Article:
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Thirst Quenchers - #PlasticLessLent: Week 3

Thirst Quenchers - #PlasticLessLent: Week 3

This week, St Bride's Choir turns from hot to cold beverages as they continue their attempts at #PlasticLessLent.

From the 17th century till the 1960s, all soft drinks came in glass bottles. Then lighter aluminium cans grew in popularity and are still the top choice for fizzy drinks. But plastic has taken over in certain areas of soft drinks and water, to the point where today, one million plastic bottles are bought every minute around the world.


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Reusable Bottles

pete_bottle.jpgStaying hydrated whilst out and about often leads to buying a bottle of water or juice or using disposable plastic cups at a water cooler. It's very easy to find reusable cold drinks bottles either made of metal or bamboo. Even using a stronger plastic bottle over months or years is better than using a thin plastic bottle only once. And why not uses glasses at the water cooler? This was one of the first things we did this Lent at St Bride's.


So what to put in your new funky aluminium bottle? For decades we have been fed the myth that bottled mineral water is better for us and tastes better than tap. The truth is not only do many brands of bottled water cost 500 times the price of tap water, their quality is often less well regulated. Last year the industry used 17 million barrels of oil to make the required plastic bottles for water alone. This look at the American bottled water industry might make you never buy a bottle of water again:


fenti.pngIf water's too dull what other soft drinks avoid plastic? Some juice brands only use glass. Appletiser is widely available, and Luscombe, Biona and Suma fruit juices are easy to find in larger supermarkets and health-food shops. The latter three brands all have the bonus of being certified organic. Suma even sells a concentrate to use at home, saving on the fuel of transporting heavier glass.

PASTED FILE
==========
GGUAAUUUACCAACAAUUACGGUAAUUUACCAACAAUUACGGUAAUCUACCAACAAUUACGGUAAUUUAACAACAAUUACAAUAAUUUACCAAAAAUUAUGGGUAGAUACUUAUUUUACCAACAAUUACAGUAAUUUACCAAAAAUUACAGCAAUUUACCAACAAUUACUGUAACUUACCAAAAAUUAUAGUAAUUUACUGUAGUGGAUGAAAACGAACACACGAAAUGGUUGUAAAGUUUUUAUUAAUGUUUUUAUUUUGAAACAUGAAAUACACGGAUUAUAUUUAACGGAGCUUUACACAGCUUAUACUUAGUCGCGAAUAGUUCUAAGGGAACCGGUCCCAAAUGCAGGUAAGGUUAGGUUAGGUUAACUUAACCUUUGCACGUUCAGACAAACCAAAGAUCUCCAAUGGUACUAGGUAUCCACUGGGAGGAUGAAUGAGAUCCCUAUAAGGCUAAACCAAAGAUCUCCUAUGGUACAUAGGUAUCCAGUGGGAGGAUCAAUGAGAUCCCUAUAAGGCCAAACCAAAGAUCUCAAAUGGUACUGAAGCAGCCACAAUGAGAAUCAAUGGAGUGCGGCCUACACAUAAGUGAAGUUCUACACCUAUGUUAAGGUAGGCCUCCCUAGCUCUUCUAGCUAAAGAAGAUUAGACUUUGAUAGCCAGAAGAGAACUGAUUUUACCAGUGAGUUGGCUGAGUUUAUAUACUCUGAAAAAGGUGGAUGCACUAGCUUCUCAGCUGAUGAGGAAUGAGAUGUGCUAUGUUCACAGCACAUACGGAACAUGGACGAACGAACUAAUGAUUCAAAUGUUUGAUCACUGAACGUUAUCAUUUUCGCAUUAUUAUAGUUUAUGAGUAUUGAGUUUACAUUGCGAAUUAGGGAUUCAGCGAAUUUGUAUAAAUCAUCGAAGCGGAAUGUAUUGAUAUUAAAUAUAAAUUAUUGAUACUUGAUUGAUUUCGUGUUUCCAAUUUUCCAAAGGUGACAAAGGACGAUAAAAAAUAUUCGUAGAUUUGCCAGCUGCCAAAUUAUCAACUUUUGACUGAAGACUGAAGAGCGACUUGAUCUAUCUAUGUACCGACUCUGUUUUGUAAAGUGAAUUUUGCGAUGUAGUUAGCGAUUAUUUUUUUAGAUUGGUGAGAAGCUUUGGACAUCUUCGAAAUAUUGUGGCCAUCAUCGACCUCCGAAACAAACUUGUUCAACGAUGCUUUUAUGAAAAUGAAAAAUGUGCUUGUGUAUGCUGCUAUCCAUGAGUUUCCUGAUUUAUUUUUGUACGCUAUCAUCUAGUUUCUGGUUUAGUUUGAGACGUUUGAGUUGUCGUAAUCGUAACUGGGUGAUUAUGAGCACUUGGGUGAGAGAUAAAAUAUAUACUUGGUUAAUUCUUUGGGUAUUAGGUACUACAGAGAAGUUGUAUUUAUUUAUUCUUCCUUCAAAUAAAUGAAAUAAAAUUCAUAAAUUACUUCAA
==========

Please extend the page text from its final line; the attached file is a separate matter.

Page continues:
Here is a report from The Ethical Consumer, exploring different brands of fruit juice and how they compare in environmental impact with the world's best-selling fruit juice, Tropicana:

As a plastic alternative, Tetrapak is lighter to transport, and more compact to stack. However, only 18% of Tetrapak cartons are recycled worldwide, and their plastic content means they won't fully biodegrade.

Fizzy Pop!

If fizzy drinks are your poison, then reach for the aluminium cans, though many are also available in old-style glass bottles, as are the wonderfully old-fashioned looking Fentiman's drinks. However, family-sized fizzy drinks seem exclusively plastic, as it is so much cheaper to produce and transport than glass.

But there is also a retro alternative. UK sales of SodaStream are on the up, with most consumers using them to make their tap water sparkling. A single recyclable CO2 canister can carbonate up to 130 litres of water, and the machine itself doesn't need electricity or batteries so is a good eco option. Here the Guardian takes a look at the recent resurgence of interest:


For too long, soft drinks companies have succeeded in convincing us that we need to buy billions of pounds' worth of drinks served in highly polluting plastic bottles. With a bit of forward planning, and a bit of thoughtful shopping, staying hydrated needn't cost the earth.

And thank goodness wine & beer already come in glass bottles awaiting the end of Lent!

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